A People’s History of the World
Chris Harman 1999
Where to begin with such a broad and all encompassing topic as the history of humanity?
According to Harman “History is the sequence of events that led to the lives we lead today. It is the story of how we came to be ourselves. Understanding it is the key to finding out how we can further change the world in which we live.” The understanding that Harman’s all encompassing work portrays is not the worn academic path cataloging great leaders, thinkers, and innovators but a narrative that depicts the broad cultural and societal movements of human history. In so doing his work questions the paradigm that “human beings, we are told, have always been greedy, competitive and aggressive, and that explains horrors like war, exploitation, slavery, and the oppression of woman,” and Harman presents the theory that “Human nature as we know it today is a product of our history, not its cause.”
Beginning at the beginning Harman aptly illustrates the development of civilization alongside the onset of agriculture that required a division of labor – this was a stark contrast to the majority of human prehistory that encompassed an idyllic shared communalism only witnessed today in scantly scattered Amazonian tribes. Harman argues that the development of labor divisions required a new perspective of human relationship that we take for granted in our times but was not natural to humans at the time. This pattern of learning new relationships along with the social norms of bigotry and classism has persisted throughout human history as new innovations from the collection of people’s into urban cities all the way up to the present interconnectedness of electronic communication. The story of human history is a conflicted tale full of glory and brutality, conquest and suffering, progress and decline. These facts are not argued, however the meaning within these facts are questioned when the faced with the paradigm that one man must be lesser or greater than another.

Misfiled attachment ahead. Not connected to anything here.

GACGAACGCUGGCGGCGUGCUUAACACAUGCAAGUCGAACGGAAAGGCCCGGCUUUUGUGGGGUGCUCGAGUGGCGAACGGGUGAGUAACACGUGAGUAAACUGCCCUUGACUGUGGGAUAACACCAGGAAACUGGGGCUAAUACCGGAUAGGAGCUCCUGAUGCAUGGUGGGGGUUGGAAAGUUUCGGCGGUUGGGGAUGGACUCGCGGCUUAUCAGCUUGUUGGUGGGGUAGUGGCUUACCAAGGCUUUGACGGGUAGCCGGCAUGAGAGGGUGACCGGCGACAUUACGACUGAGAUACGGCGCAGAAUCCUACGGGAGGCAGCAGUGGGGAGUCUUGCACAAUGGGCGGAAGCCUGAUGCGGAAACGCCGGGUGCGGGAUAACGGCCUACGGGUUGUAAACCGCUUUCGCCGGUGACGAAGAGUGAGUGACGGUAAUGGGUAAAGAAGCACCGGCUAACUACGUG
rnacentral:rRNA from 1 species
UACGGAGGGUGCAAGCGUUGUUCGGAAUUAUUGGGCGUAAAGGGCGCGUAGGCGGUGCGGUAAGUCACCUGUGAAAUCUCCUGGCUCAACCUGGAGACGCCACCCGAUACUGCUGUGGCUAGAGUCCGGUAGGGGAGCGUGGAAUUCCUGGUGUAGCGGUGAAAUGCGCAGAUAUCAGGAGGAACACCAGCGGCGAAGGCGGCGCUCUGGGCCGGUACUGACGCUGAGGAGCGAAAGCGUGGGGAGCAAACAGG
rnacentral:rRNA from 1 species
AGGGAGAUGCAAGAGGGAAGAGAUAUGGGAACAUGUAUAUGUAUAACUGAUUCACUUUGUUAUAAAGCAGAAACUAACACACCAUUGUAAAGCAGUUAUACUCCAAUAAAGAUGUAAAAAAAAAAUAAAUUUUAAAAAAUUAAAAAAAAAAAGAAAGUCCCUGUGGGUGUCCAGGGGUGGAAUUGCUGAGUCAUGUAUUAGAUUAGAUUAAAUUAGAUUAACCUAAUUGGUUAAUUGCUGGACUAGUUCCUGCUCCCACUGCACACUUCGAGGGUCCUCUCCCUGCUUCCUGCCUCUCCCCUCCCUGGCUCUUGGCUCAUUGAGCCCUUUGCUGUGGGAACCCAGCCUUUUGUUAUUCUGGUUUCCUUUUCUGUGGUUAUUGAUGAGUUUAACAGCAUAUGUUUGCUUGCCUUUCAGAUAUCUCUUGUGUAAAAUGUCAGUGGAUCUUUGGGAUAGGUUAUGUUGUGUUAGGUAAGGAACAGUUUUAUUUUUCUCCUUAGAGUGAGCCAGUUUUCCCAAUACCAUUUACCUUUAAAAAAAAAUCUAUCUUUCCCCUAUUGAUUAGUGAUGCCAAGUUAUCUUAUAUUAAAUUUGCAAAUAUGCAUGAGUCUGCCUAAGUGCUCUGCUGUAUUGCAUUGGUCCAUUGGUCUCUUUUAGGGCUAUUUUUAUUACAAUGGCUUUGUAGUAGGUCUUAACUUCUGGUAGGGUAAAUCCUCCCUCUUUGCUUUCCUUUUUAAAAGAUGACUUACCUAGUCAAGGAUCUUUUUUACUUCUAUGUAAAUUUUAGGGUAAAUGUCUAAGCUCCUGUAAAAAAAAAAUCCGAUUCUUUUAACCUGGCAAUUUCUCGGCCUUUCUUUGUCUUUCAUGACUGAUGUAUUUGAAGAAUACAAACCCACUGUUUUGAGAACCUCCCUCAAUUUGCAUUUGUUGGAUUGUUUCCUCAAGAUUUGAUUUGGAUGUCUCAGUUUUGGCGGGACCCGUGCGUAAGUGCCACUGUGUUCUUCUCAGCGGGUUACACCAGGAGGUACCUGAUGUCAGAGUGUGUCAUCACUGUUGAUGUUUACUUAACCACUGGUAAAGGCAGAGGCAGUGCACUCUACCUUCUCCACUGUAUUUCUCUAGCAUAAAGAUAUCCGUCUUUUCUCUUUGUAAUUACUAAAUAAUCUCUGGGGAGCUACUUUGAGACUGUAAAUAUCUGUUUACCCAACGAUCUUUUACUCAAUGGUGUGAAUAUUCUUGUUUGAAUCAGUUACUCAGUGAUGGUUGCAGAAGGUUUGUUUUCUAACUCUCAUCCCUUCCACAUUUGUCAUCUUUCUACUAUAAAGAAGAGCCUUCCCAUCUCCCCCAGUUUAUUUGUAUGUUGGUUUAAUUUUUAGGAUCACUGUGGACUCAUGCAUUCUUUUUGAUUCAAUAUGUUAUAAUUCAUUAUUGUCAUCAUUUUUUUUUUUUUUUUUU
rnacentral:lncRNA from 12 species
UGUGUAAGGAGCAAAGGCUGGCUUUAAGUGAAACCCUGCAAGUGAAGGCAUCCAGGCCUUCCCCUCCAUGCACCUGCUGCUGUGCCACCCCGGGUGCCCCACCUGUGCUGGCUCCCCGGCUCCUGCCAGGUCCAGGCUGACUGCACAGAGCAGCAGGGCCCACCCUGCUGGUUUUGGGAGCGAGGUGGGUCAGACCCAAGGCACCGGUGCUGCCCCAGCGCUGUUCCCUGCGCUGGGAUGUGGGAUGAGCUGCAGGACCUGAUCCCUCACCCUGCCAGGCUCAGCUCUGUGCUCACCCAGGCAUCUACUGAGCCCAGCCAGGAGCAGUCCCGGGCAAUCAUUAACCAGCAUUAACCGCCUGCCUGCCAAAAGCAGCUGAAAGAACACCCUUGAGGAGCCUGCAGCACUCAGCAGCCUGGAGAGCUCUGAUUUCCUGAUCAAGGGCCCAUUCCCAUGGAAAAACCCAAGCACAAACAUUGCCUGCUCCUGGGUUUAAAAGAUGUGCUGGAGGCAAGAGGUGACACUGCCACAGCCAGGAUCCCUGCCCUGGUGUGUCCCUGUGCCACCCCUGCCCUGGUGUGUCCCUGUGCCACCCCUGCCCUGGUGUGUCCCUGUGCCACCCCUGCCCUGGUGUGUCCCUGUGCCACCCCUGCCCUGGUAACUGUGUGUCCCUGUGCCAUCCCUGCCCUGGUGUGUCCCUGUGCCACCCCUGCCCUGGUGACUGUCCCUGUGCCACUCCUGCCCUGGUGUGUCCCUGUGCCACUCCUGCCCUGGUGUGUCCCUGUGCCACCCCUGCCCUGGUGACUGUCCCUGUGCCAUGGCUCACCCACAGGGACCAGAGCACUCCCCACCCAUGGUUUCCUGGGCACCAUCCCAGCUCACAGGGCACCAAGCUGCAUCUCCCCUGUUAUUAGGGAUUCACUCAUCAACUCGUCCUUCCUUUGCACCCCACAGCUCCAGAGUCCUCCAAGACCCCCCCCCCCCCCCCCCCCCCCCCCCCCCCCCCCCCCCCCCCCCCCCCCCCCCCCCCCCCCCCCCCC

I need not provide historical examples to illustrate these arguments, I’ll let your reading of A People’s History of the World lead you to your own evaluation of Harman’s argument. However I will say that the recent uprisings in Egypt, Bahrain, Libya, and even the political/labor clashes in Wisconsin have lead me to question the path of history and what these recent uprisings meant within the larger perspective. I was drawn to Harman’s book to seek answers to these broad questions and although Harman’s book ends with the 1990’s (I was a little disappointed that 2008 reprinted version I bought was not updated to discuss the last decade), having read this work I appreciate that these recent uprisings, as well as the Iraq and Afghanistan war, are entirely predictable and a result not only of the past 60 years of cold war influences on the middle East regimes, but the result of a much older influence from European imperialism that arose from the collapsed Ottoman Empire. The people’s revolutions currently occurring in the Middle East have occurred throughout Europe, the Americas, and Asia in the past two centuries and will continue to occur in nations throughout this globe in the century to come. The question that remains is what will come of these uprisings? Will the dominant world powers continue to promote new governments or internal legislation that supports the continued dominance of US and European power that runs the risk of only repeating the patter resulting in further barbarism – or will these revolutions take a decisive step towards a governance that promotes the interests of the people governed?
History – and humanity’s investment in it – will tell.